The first wireless EV-charging road system in the country will be built near Michigan Central Station in Detroit by Israeli startup Electreon.
The mile-long stretch of public road, which will be designed to wirelessly charge EVs while they are stationary and in motion, is expected to be complete by 2023, according to a Tuesday statement from the state.
Electreon will work with NextEnergy and Jacobs Engineering Group on the project.
The inductive vehicle charging pilot, first announced by Gov. Gretchen Whitmer last year at the Motor Bella show in Pontiac, will be funded through $1.9 million from the Michigan Department of Transportation and an unspecified contribution from Electreon. It will also be supported by Ford Motor Co., DTE Energy Co. and the city of Detroit.
Crain's inquired with the state about total project costs and funding details.
"As we aim to lead the future of mobility and electrification by boosting electric vehicle production and lowering consumer costs, a wireless in-road charging system is the next piece to the puzzle for sustainability," Whitmer said in the release.
The road will be located within Ford's Michigan Central mobility innovation district, though the exact location has not been determined, MDOT spokesman Michael Frezell said.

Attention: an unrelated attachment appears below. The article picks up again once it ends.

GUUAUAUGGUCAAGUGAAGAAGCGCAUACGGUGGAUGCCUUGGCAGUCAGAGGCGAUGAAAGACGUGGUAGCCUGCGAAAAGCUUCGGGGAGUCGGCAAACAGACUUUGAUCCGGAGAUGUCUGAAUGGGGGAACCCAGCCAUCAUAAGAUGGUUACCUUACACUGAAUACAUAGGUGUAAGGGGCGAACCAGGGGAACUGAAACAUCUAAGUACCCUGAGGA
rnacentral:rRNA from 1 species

The wireless roadway project symbolizes Michigan's commitment to building EV charging infrastructure and staying ahead of the curve on technology, according to officials. It also fits into MDOT's plan for a new 40-mile "connected corridor" from Detroit to Ann Arbor.
"Michigan is aggressively rolling out various charging solutions and we need to continue to stay ahead of the technology curve," MDOT Director Paul Ajegba said in the release. "A wireless in-road charging system will be revolutionary for electric vehicles, potentially extending their charge without having to stop."
Electreon, founded in 2013, has projects in Tel Aviv; Gotland, Sweden; and Lombardy, Italy. The foundation of its wireless charging technology is electromagnetic induction. The company installs copper coils under the asphalt of roadways, through which it transfers energy from the electricity grid and creates a magnetic field. Receivers installed on the floor of an electric vehicle capture the energy and transmit it to the battery and motor.
"We're excited to be transferring our success in wireless charging for a variety of electric fleets — from cars to buses and heavy-duty trucks — to this innovative project," Stefan Tongur, vice president of Electreon, said in the release. "There's important work ahead with our partners in Detroit to develop scalable, 'plug-free' charging that will future-proof the city's EV infrastructure."